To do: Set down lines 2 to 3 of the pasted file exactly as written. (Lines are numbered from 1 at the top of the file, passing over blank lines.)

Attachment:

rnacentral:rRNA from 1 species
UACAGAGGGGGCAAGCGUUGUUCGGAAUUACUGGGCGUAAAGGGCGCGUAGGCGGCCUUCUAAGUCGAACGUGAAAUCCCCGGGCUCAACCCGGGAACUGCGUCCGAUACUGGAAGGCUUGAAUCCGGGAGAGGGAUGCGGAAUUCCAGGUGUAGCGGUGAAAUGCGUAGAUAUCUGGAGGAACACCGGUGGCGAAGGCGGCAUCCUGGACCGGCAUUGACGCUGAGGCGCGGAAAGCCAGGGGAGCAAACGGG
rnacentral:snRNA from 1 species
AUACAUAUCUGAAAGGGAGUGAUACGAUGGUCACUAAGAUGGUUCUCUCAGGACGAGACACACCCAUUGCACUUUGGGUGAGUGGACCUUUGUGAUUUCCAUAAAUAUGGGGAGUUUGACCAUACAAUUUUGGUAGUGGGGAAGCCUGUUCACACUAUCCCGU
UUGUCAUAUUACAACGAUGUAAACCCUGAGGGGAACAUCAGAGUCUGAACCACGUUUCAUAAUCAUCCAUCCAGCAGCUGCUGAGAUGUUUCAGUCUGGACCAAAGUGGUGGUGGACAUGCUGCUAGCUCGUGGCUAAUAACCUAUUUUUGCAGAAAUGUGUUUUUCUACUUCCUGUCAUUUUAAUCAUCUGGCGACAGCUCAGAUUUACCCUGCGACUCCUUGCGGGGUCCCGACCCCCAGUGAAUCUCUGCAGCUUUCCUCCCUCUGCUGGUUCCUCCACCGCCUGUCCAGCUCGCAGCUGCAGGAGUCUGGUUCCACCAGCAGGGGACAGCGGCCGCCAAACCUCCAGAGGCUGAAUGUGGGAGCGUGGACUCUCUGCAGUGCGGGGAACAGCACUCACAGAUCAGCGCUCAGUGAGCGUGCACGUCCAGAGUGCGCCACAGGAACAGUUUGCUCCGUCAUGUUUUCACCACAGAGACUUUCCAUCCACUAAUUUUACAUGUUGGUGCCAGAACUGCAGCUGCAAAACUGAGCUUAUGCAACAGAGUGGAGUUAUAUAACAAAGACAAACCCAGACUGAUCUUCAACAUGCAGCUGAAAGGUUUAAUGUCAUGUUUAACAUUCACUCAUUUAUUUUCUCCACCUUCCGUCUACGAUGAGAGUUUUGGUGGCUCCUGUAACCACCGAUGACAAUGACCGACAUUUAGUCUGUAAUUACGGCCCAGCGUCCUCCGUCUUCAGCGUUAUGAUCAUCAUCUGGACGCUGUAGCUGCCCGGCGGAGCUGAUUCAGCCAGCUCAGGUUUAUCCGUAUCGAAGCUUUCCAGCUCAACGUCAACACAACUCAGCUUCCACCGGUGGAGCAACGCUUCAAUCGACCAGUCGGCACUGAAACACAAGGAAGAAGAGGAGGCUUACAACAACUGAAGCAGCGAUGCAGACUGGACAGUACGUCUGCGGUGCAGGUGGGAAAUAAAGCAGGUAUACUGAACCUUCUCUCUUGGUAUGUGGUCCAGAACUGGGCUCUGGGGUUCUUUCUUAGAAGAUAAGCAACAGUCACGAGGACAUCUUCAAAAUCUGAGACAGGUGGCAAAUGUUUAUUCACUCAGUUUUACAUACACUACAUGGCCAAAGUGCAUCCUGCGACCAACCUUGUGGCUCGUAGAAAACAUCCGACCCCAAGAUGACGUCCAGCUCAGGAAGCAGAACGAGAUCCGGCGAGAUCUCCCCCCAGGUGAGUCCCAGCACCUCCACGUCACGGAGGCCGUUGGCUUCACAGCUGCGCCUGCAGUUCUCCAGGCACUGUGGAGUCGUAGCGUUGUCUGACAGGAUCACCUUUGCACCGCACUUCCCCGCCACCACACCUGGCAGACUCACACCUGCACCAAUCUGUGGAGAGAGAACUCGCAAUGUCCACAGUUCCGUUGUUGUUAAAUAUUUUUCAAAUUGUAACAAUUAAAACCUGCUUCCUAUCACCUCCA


UACAGAGGGGGCAAGCGUUGUUCGGAAUUACUGGGCGUAAAGGGCGCGUAGGCGGCCUUCUAAGUCGAACGUGAAAUCCCCGGGCUCAACCCGGGAACUGCGUCCGAUACUGGAAGGCUUGAAUCCGGGAGAGGGAUGCGGAAUUCCAGGUGUAGCGGUGAAAUGCGUAGAUAUCUGGAGGAACACCGGUGGCGAAGGCGGCAUCCUGGACCGGCAUUGACGCUGAGGCGCGGAAAGCCAGGGGAGCAAACGGG
rnacentral:snRNA from 1 species